5 Min Read
* Renesas declines to comment on job cuts, capital raising
* Renesas considering range of plans, including new capital - source
* Mitsubishi may offer support, capital raising, if asked
* Stock rises 7 pct; share price has halved in recent months (Adds details, share price close)
By Mari Saito and Ayai Tomisawa
TOKYO, May 22 (Reuters) - Japanese chipmaker Renesas Electronics Corp plans to cut 6,000 jobs, about 15 percent of its workforce, and raise 50 billion yen ($630 million) in new capital, local media reported, as the loss-making firm struggles to get back on its feet.
Renesas - a product of successive mergers of the chip units of Mitsubishi Electric, Hitachi Ltd and NEC Corp - is the world's biggest supplier of microcontroller chips used in automobiles, but has struggled in the face of global oversupply and new competitors.
Japanese chipmakers have also been hit hard by natural disasters in Japan and Thailand and a strong yen. Elpida Memory, the country's sole maker of dynamic random-access memory (DRAM) chips, has filed for bankruptcy protection.
A source familiar with the matter told Reuters that Renesas was considering a range of plans, including a capital raising, but said the talks were still in preliminary stages.
Renesas shares jumped as much as 11 percent on the jobs-cut report in the Yomiuri Shimbun, and were also boosted by a pledge of support on Monday from Mitsubishi Electric, but analysts noted the stock has tumbled in recent months.
"The stock was sold off as investors saw it as the next Elpida. But Mitsubishi Electric saying that it is prepared to give support provided some relief to investors that this will not be a repeat of Elpida for now," Hajime Nakajima, deputy general manager at Iwai Cosmo Securities in Osaka
"So the stock move this morning is purely short covering ... I don't think investors can buy the stock on long-term conviction," he said.
Renesas declined to comment on the Yomiuri report. Its shares closed up 7 percent at 289 yen, but have more than halved from levels above 600 yen in February and March.
Japanese suppliers held a 27 percent supply of global semiconductor revenue in 2003, but decreasing prices and strong competition from South Korea has seen that fall to 19 percent by 2011, according to research firm IHS iSuppli.
Renesas was also hard hit by last year's earthquake and tsunami in Japan, which forced it to shut eight factories and encouraged domestic automakers to diversify supply.
With the Japanese chip industry in a state of flux, sources with knowledge of the matter told Reuters earlier in the year that Renesas, Fujitsu Ltd and Panasonic have been in talks on combining their system chip operations with the financial backing of government-backed investment fund Innovation Network Corp.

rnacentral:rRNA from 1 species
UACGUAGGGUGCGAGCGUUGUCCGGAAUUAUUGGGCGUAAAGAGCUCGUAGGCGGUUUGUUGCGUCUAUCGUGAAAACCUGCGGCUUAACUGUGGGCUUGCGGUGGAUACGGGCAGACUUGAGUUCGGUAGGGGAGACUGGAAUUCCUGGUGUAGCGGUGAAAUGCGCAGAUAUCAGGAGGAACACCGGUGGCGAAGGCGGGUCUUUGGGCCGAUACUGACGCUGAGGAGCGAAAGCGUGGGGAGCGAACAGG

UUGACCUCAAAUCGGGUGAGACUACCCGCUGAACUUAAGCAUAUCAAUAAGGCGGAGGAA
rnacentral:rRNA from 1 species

The Yomiuri report said Renesas would likely try to raise capital from its three main shareholders, who together account for about 90 percent of the stock.
"We will consider offering support, including capital raise, if we were asked by the company, but we haven't been asked yet," a Mitsubishi Electric spokesman said, echoing comments from the company's president on Monday.
However, a spokesman for NEC, which logged a net loss of 110 billion yen in the year just ended, said the company now held only 3 percent of Renesas directly and did not plan to offer support.
"We will not comment on whether we have been asked for support from Renesas. But even if we have been asked, we have no plan to offer support because we only have a 3 percent shareholding ratio," the spokesman said.
NEC earlier this month shifted more of its stake in Renesas into into its employee pension trust. The pension fund holds 32.4 percent of Renesas, while NEC has 3.0 percent.
A spokesman for Hitachi, which held 30.6 percent of Renesas as of March, said the company had not been asked for support, but noted that Hitachi did not have a semiconductor business.
"We can say that our management resources will be allocated to such core businesses as the social infrastructure business," he said.
Renesas, whose chips are used in Toyota Motor Corp's Lexus luxury car and Nintendo Co Ltd's Wii game console, posted a worse-than-expected 62.6 billion yen net loss in the just-ended financial year.
The reported job cuts follow an announcement by Sony Corp in April that it would cut 10,000 jobs, or 6 percent of its global workforce, and take a 75 billion yen restructuring charge. NEC said in January it would also cut 10,000 jobs, about one in 10 of it workers.
Sony has said some 5,000 workers would be taken off the payroll with the sale of its chemical and device unit and small liquid crystal display fabricator. NEC has not provided details about whether the workers would be sacked to meet the job cut targets, or whether some would be reallocated to other parts of the business.
$1 = 79.3500 Japanese yen Additional reporting by Taiga Uranaka; Editing by Richard Pullin